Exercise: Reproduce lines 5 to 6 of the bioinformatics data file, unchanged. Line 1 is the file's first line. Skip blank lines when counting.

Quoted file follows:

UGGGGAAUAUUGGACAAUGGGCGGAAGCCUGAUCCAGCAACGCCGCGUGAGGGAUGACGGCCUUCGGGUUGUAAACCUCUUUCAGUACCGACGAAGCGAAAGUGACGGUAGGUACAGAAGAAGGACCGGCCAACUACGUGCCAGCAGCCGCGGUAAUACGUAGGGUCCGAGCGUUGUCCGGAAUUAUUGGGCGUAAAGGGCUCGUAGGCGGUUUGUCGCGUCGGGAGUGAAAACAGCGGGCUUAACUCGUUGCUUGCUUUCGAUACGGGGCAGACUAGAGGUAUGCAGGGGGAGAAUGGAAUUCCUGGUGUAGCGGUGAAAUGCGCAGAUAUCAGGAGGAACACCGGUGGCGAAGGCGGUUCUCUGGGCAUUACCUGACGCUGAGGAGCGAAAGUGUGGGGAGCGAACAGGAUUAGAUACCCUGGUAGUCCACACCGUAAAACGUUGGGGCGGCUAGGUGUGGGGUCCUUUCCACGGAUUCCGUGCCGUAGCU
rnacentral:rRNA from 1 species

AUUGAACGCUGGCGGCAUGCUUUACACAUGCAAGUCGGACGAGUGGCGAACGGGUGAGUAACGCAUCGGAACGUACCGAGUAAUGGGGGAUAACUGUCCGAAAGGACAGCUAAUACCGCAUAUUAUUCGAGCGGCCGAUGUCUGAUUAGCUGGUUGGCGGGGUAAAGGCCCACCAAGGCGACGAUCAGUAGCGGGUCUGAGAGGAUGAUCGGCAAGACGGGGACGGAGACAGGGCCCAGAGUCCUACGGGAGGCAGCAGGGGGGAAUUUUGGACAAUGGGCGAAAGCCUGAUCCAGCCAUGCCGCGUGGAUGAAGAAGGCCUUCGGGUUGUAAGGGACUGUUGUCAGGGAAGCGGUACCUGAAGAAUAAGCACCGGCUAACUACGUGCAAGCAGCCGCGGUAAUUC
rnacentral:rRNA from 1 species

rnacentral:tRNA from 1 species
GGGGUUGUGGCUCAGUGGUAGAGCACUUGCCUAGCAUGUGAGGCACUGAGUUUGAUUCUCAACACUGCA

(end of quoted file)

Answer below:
rnacentral:tRNA from 1 species
GGGGUUGUGGCUCAGUGGUAGAGCACUUGCCUAGCAUGUGAGGCACUGAGUUUGAUUCUCAACACUGCA